8. See Simon Schama (I SHOOK THE HAND)

9. Get back to Zumba (packing DVDs for holiday)

10. Get back to belly dancing (Done)

11. Grow my fingernails (Done, I look hot in those trousers)

12. Make macaroons from “A Homemade Life” (Done, they are super easy, only three ingredients, taste fantastic)

Use my Loaf: A Bread Making Tutorial.

Most weeks, most days I make my own bread. It is easy and gets rave reviews. Thanks to the (strong) white flour and a tip from Waitrose magazine, I’ve worked out how to make it with only a moment or two of kneading. It is not a flakey crusted, artisan sourdough but it is a bazillion times tastier than the average (even posh) supermarket loaf and it requires your active involvement for only 10 minutes. It turns simple suppers of soup or cheese and pickles into feasts and if you get the hang of it you can confidently add all sorts of ingredientst (my favourite is a hefty helping of dates and cinnamon for a musky, sweet loaf)

Let me show you how I do it:

All these amounts are approximate and therefore flexible, once you’ve made it a couple of times you won’t even need to refer to them.

1. A tablespoon of dried yeast, a teaspoon of sugar (or honey or molasses) and cup of tepid water. Leave them in a big bowl to party until they look like this:

2. Pour on two more cups of water and add about one kilo of flour and a heaped teaspoon of sea salt (Maybe try a bit less if you’re using table salt) Shake the bowl a bit and cover with a damp tea towel. Leave for however long suits you: ten minutes with a cup of tea, or two hours down the shops. The gluten in the flour will start to leach out, saving you kneading time.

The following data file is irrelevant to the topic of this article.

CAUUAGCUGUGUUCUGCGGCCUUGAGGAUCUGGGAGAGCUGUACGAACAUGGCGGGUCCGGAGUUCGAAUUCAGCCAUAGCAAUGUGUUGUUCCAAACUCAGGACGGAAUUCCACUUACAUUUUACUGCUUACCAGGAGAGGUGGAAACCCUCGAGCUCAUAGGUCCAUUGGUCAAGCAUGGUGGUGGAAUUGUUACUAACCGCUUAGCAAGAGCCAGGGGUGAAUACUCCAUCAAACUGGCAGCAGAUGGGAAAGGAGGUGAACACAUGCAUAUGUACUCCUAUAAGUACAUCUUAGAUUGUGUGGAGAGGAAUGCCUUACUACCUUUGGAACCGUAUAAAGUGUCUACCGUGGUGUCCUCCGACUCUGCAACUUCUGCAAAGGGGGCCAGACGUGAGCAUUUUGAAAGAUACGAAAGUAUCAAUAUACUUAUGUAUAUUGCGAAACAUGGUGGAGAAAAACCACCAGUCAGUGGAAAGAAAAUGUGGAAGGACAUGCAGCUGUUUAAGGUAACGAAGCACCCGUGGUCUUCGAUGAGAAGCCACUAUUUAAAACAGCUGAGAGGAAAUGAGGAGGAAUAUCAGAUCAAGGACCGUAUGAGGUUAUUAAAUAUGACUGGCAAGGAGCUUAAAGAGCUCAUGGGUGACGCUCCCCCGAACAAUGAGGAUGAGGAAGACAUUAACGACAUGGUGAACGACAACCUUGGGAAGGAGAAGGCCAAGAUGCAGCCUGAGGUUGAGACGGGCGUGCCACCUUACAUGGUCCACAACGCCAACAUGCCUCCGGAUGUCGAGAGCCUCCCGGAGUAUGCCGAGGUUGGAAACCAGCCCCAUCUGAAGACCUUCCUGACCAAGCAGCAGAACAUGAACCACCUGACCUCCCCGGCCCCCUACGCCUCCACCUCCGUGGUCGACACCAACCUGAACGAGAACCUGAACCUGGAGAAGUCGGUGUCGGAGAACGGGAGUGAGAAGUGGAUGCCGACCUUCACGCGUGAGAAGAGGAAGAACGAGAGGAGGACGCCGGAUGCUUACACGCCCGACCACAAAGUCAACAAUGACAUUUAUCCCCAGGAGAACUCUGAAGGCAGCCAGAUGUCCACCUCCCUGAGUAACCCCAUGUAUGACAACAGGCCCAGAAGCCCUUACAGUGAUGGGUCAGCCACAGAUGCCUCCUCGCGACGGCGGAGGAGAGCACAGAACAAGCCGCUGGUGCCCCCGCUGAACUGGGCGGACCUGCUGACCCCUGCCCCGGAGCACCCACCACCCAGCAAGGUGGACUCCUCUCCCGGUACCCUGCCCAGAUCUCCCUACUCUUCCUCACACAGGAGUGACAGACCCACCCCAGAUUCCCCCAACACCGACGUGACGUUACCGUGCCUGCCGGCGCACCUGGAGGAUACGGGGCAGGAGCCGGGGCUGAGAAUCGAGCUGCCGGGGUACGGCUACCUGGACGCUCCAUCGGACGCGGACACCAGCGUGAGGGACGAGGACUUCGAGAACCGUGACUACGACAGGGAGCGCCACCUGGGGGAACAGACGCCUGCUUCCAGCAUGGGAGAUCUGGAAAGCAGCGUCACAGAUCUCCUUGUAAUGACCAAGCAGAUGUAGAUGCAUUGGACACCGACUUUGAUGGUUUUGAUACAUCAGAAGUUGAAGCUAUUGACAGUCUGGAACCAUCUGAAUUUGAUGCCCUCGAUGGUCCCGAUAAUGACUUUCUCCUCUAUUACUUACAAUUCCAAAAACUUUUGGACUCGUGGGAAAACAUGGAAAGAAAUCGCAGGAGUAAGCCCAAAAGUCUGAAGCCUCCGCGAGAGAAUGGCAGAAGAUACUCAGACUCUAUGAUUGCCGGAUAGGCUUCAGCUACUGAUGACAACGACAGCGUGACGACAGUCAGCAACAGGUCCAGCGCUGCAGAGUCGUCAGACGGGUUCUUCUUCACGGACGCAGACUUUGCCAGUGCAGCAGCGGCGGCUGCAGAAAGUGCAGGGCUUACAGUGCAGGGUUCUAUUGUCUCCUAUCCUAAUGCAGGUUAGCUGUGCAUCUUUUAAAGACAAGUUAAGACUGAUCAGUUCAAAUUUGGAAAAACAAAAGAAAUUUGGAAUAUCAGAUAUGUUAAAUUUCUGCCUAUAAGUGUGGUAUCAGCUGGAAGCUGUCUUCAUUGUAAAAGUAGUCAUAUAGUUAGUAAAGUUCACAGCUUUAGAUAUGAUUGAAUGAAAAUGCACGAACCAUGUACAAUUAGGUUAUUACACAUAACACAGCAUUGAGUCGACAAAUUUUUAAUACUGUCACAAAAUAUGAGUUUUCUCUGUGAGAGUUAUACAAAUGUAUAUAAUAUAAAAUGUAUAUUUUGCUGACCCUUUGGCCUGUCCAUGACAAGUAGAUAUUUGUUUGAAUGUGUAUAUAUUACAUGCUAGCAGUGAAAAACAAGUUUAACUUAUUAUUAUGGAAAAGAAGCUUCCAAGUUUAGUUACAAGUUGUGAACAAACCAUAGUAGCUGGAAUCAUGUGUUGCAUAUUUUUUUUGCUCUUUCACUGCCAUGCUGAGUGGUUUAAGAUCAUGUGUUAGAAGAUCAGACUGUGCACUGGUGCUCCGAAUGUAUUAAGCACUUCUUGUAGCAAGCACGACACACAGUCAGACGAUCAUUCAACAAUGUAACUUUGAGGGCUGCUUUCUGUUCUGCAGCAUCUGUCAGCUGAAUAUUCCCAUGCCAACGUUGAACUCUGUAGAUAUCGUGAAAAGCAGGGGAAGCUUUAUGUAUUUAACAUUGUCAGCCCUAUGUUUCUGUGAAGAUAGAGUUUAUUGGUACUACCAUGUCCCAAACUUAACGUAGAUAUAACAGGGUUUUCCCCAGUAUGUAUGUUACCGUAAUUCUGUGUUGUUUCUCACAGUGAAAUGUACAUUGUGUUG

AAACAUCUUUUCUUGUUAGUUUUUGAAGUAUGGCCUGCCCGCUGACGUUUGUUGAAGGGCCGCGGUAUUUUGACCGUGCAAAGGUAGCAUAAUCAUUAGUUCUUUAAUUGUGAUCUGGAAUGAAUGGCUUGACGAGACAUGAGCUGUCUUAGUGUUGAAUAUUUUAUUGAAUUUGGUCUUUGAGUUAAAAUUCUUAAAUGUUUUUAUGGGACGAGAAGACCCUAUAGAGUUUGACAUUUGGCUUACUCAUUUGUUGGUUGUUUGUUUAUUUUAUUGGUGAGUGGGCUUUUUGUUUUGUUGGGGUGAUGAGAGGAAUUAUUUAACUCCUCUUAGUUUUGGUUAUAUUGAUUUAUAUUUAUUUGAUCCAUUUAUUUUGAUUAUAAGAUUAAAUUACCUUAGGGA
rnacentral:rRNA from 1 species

3. Bring it together in the bowl and give it a minimal squishy kneading, until it’s mixed together into one big doughy lump that’s not too sticky and looks a bit like this. Though if you’re worried, err on the side of wetness. Those little yeasty creatures need damp. Grab that tea towel again and leave the covered bowl for anything between an hour to overnight/overday.It will puff up and look like this.

4. Give it another minute of two of kneading to knock it back and then divide it into greased tins. Cover and leave for the usual 1-12 hours.

They will rise, don’t panic if it’s not by much.

5. Preheat oven 200 C. Pop in your loaves. Depending on the size of your loaves check them after 20/25 minutes. On top you need a warm golden brown, on bottom a hollow noise when you tap it with your knuckles. Leave out of the tins and propped up/on a wire rack to cool (or they’ll be soggy)

6. I wish I could be there with you but please send me any questions I would be very happy to offer more help. Once you feel like you are getting the hang of it you’ll find inspiration everywhere. Slosh in some olive oil, sun dried tomatoes and rosemary. Mash in those elderly bananas from the fruit bowl. Paint the top with beaten egg before it goes in the oven. Use milk not water. Sprinkle on or in some seeds. Add a handful or two of oats. It’s the combination of simplicity and freedom that keeps you interested. The satisfaction of creating something so ancient and so necessary will fill you up.